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Obamacare Dissected
Ten things that probably will be in the health-care bill (but shouldn't).


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Stephen Spruiell

Rummaging through the stacks here at National Review world headquarters, I discovered in our Dec. 13, 1993, special supplement on Hillarycare a curious little ad that read “Just say NO to socialized health care.” The ad implored me to call 1-800-5RESIST, so just for fun, I dialed the number, hoping that maybe, just maybe, the brave soul who set up this hotline back in the ’90s was still manning the post, dispensing advice on the best way to oppose Obamacare.

Wrong. A male voice offered me an invitation to “talk to ladies all over the country,” and I don’t think he meant Blanche Lincoln and Olympia Snowe. I hung up and returned to the health-care debate, 2009. The Republicans are in disarray. The Democrats are cutting deals. The Congressional Budget Office is acting like Burger King, telling Max Baucus, “Have it your way.” Of course 1-800-5RESIST is now a phone-sex line: We’re screwed.

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Or are we? After all, back in 1993, conservatives were able to stop a health-care-reform plan that looked just as ominous and unstoppable. The Democrats had the White House, 56 senators, and an 80-vote margin in the House. They had James Carville, Hillary Clinton, and a secretive task force (though these might have turned out to be liabilities). They faced a Republican party coming off a historic defeat. R. Emmett Tyrrell had just published The Conservative Crack-Up about infighting among conservatives following the end of the Cold War. Then as now, the Right lacked an identifiable leader, save for Rush Limbaugh.

But we did have one thing going for us: Hillarycare was awful. It was loaded with mandates, government control, empty promises, and taxes. Obamacare differs in the particulars, but it is built on the same rotten foundation: a belief that dumb consumers and greedy insurance companies are to blame for the health-care mess, and therefore bureaucrats need to step in and tell them what to do while the rich pay for it.

Has this diagnosis ever been right? Has this prescription ever cured a single patient? Of course not. In fact, government interference initially created and has since greatly exacerbated the third-party-payer problem that has saddled the system with runaway costs. Wage and price controls during World War II prompted companies to compete for workers by offering generous medical benefits, and changes in the tax code entrenched this practice to the point where we now use insurance to pay for routine health care. For the poor and the elderly, the government created a system of entitlements whose bad design led to cost-shifting in the private sector and looming budgetary shortfalls in the public sector that the political class has no idea how to finance.

Instead of reintroducing concepts like competition and personal responsibility as a way to bring down costs and make coverage more affordable, Obamacare relies on coercion and taxation to pursue these same goals less efficiently. Here are ten reasons why no proposal built on this foundation deserves to pass:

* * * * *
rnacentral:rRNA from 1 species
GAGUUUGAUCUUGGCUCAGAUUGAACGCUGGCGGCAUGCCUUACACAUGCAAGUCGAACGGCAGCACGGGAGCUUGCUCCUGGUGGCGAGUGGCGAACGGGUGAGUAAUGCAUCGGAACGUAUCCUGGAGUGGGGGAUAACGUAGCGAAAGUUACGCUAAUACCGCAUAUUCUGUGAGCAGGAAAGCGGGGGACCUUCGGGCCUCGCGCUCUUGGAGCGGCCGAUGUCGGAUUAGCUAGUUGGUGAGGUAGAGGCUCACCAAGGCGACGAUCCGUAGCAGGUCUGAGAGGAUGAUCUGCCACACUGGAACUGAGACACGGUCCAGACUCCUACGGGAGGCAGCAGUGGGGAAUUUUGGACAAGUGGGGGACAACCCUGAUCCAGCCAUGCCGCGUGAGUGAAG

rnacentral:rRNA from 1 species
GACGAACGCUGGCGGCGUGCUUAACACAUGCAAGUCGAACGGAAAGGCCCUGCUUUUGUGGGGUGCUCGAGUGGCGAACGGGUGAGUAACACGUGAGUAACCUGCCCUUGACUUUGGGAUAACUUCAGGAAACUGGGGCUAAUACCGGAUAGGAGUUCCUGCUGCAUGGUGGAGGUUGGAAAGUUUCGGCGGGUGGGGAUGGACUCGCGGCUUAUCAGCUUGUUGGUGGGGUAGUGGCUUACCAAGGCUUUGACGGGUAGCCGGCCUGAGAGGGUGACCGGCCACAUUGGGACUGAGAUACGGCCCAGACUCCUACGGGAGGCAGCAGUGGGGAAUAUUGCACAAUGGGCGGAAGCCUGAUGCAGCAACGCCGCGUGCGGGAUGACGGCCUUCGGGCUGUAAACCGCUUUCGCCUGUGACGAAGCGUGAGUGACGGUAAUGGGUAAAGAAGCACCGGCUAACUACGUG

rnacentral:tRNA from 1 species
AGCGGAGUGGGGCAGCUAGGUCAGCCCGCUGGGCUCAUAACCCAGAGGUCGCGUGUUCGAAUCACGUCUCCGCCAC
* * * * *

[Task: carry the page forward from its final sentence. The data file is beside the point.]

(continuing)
1) Removal of the Ability of Insurers to Deny Coverage. The first thing Obama and his backers want to do — the main thing they all agree on — is take away insurers’ ability to deny people coverage or charge them different rates based on pre-existing conditions. The question of what to do for people whose health status has rendered them uninsurable is a thorny one, but the heavy hand of regulation is not the answer. States have conducted successful experiments with “high-risk pools,” and “health-status insurance” offers another promising idea. The problem with what the Democrats want — mandatory coverage at low rates for sick people (also known as “guaranteed issue” and “community rating”) — is that it gives people an incentive to postpone buying insurance until they need expensive care. Theoretically, guaranteed issue and community rating work only if the government requires everyone to have insurance. The Democrats know this; insurance mandates are integral to Obamacare.

2) Coverage Mandates on Individuals and Employers. Once upon a time, Obama was against insurance mandates. In the run-up to the Iowa caucuses, his campaign ran an ad attacking Hillary Clinton on the grounds that the mandates in her plan “would force people to buy insurance even if they can’t afford it.” Realizing that his health-care plan would be unworkable without a mandate, Obama has flip-flopped and rebranded required coverage as “shared responsibility.” Clinton fired back at the time, and Obamacare supporters argue now, that the mandate would come with subsidies to help lower-income people afford the coverage they would be forced to buy. A look at the fine print on that offer reveals that many Americans would be forced to buy pricey policies without any help from the government. Workers offered coverage by their employers (who would be required to offer it) would not be eligible for subsidies and would have to take what they’re given — which, under Obamacare, would be some minimum package of benefits designed by bureaucrats in Washington. That sounds like something that could quickly exceed what a lot of people consider affordable.



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